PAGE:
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Posts from the ‘Restaurants’ Category

A Hotel for a Happy Year of the Rat

In celebration of the Year of the Rat we bring you the University Arms where copies of The Wind in Willows, the tale of Ratty, Mole and Badger written by Kenneth Grahame, are in every guest rooms and a recording of Alan Bennett reading the book is transmitted in the restaurant/bar loos…

University Arms exterior

University Arms, Cambridge, UK

What’s the story?

Cambridge’s oldest hotel, the University Arms which began life as a coaching inn in 1834, has reopened following a four year, £80m refurbishment. The original classical façade overlooking Parker’s Piece (a green space that was the scene of Queen Victoria’s coronation banquet) has been retained but the interiors have been rebuilt and an out of place 1960s extension has gone. In its place the new building is in keeping with the original style.

 

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University Arms, Cambridge lobby

It looks so authentic…

Architect John Simpson has worked on such grand projects as Buckingham and Kensington Palaces and a couple of Cambridge University colleges so knows a thing or two about classical refurbishments. His design for the University Arms includes a striking porte cochere – a columned, covered carriage entrance, for cars rather than horses these days and a grand lobby inside. It’s hard to believe the new addition to the hotel building hasn’t always been here.

What about the interiors?

They’re down to Martin Brudnizki, designer du jour (responsible for the new Annabel’s clubhouse in Mayfair and the refreshed Ivy in Covent Garden). Overall the feel is of a contemporary private members’ club: Farrow and Ball painted walls, reclaimed wooden floors, antique rugs, on trend ottomans and armchairs and sofas that beg to be sat on.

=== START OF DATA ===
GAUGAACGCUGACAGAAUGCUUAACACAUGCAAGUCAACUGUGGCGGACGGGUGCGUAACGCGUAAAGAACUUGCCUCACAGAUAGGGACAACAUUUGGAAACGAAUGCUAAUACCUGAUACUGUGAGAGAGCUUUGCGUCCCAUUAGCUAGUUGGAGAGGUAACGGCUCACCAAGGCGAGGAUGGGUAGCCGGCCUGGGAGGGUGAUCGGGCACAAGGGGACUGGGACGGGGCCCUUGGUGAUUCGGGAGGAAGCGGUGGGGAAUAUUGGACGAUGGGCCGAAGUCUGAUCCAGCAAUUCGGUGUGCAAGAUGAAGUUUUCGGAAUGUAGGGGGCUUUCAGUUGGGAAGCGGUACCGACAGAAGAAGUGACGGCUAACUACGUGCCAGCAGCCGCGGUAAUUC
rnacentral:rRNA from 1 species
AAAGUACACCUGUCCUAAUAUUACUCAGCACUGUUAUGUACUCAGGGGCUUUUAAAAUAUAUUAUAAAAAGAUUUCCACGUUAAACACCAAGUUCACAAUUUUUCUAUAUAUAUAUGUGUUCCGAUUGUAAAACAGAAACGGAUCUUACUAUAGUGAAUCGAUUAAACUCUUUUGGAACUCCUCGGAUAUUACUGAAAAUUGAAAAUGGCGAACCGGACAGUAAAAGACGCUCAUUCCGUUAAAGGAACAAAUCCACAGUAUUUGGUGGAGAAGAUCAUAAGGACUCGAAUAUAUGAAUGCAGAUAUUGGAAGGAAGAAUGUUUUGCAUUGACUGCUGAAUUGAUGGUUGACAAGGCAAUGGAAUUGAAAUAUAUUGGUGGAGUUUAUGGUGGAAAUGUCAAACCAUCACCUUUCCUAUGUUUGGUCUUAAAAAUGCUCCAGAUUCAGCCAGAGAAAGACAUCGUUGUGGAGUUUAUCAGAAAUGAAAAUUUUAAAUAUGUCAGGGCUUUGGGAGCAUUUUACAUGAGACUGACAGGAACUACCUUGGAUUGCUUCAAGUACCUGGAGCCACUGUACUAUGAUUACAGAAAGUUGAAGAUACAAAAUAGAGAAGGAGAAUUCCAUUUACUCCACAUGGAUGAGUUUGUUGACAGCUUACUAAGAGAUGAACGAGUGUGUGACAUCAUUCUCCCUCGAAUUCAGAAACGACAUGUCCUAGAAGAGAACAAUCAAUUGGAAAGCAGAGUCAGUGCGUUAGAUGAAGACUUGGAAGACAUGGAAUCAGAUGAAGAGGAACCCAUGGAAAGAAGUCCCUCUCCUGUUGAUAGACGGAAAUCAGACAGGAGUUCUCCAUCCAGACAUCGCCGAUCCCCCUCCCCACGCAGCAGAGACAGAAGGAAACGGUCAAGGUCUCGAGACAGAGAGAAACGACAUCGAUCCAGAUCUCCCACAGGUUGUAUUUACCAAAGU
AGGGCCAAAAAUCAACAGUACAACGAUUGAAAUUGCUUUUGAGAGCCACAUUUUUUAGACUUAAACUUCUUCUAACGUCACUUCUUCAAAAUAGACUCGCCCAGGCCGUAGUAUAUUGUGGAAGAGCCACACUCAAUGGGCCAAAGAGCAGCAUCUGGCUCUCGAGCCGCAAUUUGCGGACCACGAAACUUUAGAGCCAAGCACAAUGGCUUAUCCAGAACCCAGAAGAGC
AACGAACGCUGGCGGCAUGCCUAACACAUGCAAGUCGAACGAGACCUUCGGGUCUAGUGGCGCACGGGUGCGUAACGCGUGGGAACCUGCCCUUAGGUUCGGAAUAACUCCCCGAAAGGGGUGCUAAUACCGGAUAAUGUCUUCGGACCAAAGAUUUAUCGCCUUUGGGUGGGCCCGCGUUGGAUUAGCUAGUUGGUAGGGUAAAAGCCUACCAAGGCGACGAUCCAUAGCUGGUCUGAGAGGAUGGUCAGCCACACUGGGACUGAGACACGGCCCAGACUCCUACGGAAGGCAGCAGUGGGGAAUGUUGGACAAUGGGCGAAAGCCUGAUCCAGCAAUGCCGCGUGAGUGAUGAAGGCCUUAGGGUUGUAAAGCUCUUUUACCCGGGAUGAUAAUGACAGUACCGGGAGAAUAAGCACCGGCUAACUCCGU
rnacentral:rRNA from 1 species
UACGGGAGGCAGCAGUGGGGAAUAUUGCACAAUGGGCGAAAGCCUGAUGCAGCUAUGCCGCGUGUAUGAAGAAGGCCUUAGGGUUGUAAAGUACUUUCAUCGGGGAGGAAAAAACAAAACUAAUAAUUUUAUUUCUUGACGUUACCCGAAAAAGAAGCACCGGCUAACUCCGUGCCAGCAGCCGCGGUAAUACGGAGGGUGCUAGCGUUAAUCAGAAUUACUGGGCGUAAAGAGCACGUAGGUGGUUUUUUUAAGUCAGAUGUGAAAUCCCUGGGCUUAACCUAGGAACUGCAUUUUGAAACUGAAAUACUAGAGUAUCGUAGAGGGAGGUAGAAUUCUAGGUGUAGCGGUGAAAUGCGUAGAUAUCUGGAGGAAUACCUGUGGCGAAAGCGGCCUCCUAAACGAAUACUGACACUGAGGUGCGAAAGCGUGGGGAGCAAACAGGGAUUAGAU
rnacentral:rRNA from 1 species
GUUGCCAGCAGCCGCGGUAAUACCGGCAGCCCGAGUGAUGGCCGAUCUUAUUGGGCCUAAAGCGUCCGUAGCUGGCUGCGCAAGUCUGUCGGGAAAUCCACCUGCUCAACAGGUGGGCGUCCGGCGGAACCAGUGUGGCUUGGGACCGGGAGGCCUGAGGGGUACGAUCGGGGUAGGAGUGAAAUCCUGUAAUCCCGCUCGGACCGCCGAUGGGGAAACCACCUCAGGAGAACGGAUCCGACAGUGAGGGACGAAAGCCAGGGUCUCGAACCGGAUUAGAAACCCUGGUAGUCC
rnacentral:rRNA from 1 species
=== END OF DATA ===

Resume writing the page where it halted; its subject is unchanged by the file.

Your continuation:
University Arms suite

A suite at the University Arms, Cambridge

What about the rooms?

They span cosy (19-22sq ft) to superior plus there are 12 suites named after Cambridge alumni including Charles Darwin, Virginia Woolf and Stephen Hawking. All the bathrooms have black and white tiles, underfloor heating and DR Harris of St James’s products. Twenty six of them have (roll top, claw foot) baths as well as showers.

 

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Parker’s Tavern restaurant, University Arms

What’s the food like?

The hotel has cleverly recruited talented local (by way of London and Mustique) chef Tristan Welch. With the restaurant, Parker’s Tavern, taking inspiration from a college dining hall with stained glass windows and leather bench seating, the menu offers a modern take on traditional British fare using East Anglian produce including smoked trout, potted shrimp, a daily roast trolley and pie of the day. Don’t miss the Cambridge Burnt Cream pudding – a British take on Crème Brulee.

Is there a bar?

As the name suggests, Parker’s Tavern is split between a restaurant and a sizeable lounge bar where the members’ club atmosphere continues. The bar itself is lined with vintage style leather stools plus there are plenty of velvet sofas, a vast spirits list and strictly no beer on tap.

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Parker’s Tavern bar, University Arms

What about my fellow guests?

Visiting academics, students being treated by their parents, tourists from the US and China and tech people (Cambridge is becoming known as the Silicon Valley of the UK).

What is there to do?

The hotel is on the doorstep of the city centre so the historic colleges are a short stroll away – or take one of the hotel’s bicycles in signature light Cambridge blue. Tours as well as punts on the river Cam can be arranged. The hotel will even whip up a picnic for you. If you’re looking for the willow tree celebrated in Xu Zhimo’s poem, Second Farewell to Cambridge, it has recently been removed but a cutting has been planted nearby at the newly opened memorial garden in the poet’s alma mater King’s College.

 

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The Library, University Arms

Anything else I should know?

Playing on the learned location the hotel has made books a feature. Rather than the usual untouched, artful collection the hotel’s guest sitting area, The Library, has a selection intended to actually read curated by the renowned Heywood Hill booksellers in London. Each of the suites includes literature by or about the namesake while the other bedrooms each has a copy of The Wind in the Willows, Porterhouse Blue and Hilaire Belloc’s Cautionary Verses.

What’s the bottom line?

Prices for rooms start at £205 for cosy rooms and £505 for suites.